By Carol Glatz
Catholic News Service
VATICAN CITY — When an Italian photographer published images of Pope Francis embracing a man disfigured by neurofibromatosis, no one knew his name or where he was from.
Two Italian news outlets have found the man and interviewed him about that morning Nov. 6 in St. Peter’s Square. He said the pope’s embrace felt like being in heaven.
“My heart was bursting,” he told the Italian daily Corriere della Sera. When the pope hugged him tight, “I felt like I was in paradise.”
Vinicio Riva, 53, lives in a small village near Vicenza in northern Italywith his younger sister Morena, who has the same genetic disorder, and their Aunt Caterina, who cares for them.
Vinicio told the Italian magazine Panorama that the thing that struck him most was that the pope didn’t hesitate at all.
“I’m not contagious, but (the pope) didn’t know that. But he did it, period: he caressed my whole face and while he was doing it, I only felt love.
First, I kissed his hand, while he caressed my head and wounds with his other hand,” Vinicio explained.
“Then he pulled me toward him, hugging me tight and kissing my face. My head was against his chest and his arms were wrapped around me. He held me so tightly, cuddling me, and he didn’t let go. I tried to speak, to say something, but I wasn’t able to: I was too choked up. It lasted just a little more than a minute, but, for me, it seemed like forever.
“The pope’s hands are so soft. Soft and beautiful. And his smile (is) bright and wide.”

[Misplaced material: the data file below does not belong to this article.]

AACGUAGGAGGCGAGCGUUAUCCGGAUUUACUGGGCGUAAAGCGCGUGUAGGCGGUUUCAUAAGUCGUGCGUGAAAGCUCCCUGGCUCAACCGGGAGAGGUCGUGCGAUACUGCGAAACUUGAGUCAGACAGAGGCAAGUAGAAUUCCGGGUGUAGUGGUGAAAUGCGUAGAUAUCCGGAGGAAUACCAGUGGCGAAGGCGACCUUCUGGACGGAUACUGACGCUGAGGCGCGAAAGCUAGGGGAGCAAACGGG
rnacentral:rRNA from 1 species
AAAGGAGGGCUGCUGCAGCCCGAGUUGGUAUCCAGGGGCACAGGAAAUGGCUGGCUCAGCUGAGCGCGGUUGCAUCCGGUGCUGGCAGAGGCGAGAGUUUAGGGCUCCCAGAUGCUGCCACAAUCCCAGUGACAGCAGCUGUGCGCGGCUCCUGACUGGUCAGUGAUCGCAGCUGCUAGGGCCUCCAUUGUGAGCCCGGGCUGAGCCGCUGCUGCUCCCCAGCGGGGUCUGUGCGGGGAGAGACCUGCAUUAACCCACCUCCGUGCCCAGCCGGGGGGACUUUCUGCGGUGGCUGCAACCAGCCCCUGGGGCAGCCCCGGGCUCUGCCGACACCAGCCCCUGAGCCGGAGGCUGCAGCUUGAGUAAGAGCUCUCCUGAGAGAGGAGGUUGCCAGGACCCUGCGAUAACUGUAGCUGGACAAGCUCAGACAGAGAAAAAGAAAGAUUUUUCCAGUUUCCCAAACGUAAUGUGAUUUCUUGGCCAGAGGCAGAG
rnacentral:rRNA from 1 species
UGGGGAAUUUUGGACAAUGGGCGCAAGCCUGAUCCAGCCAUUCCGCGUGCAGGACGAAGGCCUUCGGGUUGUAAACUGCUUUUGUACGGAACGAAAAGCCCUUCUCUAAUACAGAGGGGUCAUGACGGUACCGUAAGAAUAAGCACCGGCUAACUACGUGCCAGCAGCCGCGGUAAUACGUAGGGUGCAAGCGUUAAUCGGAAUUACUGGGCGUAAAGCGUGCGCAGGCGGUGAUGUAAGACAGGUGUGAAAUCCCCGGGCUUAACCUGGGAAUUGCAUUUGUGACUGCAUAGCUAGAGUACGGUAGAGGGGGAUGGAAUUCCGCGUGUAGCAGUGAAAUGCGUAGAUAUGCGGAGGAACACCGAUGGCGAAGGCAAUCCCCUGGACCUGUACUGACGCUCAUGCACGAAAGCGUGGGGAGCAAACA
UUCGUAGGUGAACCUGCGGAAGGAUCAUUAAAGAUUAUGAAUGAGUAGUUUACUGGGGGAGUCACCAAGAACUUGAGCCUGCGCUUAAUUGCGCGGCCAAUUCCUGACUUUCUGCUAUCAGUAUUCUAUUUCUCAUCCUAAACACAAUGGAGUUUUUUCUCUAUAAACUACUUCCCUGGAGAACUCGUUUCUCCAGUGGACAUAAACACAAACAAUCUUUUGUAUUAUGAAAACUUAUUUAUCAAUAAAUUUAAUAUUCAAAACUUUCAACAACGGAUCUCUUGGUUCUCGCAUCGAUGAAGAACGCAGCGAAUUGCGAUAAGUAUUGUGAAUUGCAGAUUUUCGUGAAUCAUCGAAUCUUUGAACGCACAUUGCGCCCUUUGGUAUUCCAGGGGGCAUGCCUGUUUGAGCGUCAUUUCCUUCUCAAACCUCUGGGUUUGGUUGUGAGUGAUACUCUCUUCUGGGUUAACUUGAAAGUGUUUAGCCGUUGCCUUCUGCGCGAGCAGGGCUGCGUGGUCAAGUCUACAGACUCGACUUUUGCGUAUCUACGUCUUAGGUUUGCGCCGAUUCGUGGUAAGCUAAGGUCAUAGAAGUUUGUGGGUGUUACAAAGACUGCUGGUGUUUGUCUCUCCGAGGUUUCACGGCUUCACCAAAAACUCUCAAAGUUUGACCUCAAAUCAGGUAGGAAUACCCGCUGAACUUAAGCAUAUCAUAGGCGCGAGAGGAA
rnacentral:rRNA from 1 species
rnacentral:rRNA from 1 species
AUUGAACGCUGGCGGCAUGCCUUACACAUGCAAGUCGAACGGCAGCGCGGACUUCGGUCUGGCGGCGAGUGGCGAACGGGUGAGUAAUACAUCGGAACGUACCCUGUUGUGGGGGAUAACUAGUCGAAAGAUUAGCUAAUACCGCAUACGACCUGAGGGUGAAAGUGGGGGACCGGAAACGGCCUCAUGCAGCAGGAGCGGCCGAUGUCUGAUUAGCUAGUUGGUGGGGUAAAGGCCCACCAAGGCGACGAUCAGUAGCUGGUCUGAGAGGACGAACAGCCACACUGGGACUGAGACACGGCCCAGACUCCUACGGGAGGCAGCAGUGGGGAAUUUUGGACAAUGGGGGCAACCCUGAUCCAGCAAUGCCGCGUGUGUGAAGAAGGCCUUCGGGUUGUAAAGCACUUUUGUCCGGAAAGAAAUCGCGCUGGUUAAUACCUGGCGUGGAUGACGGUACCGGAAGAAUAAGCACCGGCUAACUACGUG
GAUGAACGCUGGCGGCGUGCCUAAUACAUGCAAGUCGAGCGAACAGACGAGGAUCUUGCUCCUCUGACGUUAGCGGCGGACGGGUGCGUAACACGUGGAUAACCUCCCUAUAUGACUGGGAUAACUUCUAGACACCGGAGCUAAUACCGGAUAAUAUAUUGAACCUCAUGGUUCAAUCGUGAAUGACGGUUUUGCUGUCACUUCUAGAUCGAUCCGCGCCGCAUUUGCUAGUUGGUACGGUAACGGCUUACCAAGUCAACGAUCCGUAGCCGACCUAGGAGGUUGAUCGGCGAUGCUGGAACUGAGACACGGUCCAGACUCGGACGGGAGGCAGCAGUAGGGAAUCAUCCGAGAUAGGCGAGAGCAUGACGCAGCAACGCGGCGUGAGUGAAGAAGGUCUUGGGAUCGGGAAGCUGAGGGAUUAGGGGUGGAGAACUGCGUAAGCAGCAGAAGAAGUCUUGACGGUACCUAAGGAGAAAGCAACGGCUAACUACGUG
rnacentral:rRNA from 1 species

Neurofibromatosis results in numerous, often painful benign tumors. Vinicio said they constantly itch and he’ll wake in the morning with his shirt soaked with blood from scratching.
“The first signs appeared after I was 15. They said I would be dead by 30. Instead, here I am.”
He was frequently shunned by people who didn’t know him, he said.
The worst episode, he said, occurred one day as he sat in the front of a bus and a passenger told him to go sit in the back, saying, “‘You horrify me and I don’t want to look at you.’ No one, not even the driver came to my defense. In fact, many passengers agreed with the man. That really hurt,” he said.
Aunt Caterina told Panorama that when she and Vinicio would be sitting in hospital waiting rooms when he was young, she would hold him close and hug him tight whenever people cringed or moved away in fear.
She embraced him “to make them understand” — both Vinicio and the others — that there was nothing repulsive or scary about him, she said.
Vinicio works as a volunteer in a retirement home, where his father lives. However, when they see each other, their father can’t bring himself to hug his son, said Morena, the sister. Their father “is embarrassed by his disease. He only says, ‘Do you want a coffee?’”
But Vinicio disagreed with his sister, Morena, and said their father has his own way of showing his love.
He told Panorama that he has lots of friends and is loved by almost everyone in his village. He goes out with friends for pizza and to watch soccer matches. He also flirts with the nurses, the magazine said, and, although he only earns a small allowance volunteering, he spends a good chunk of that money on them.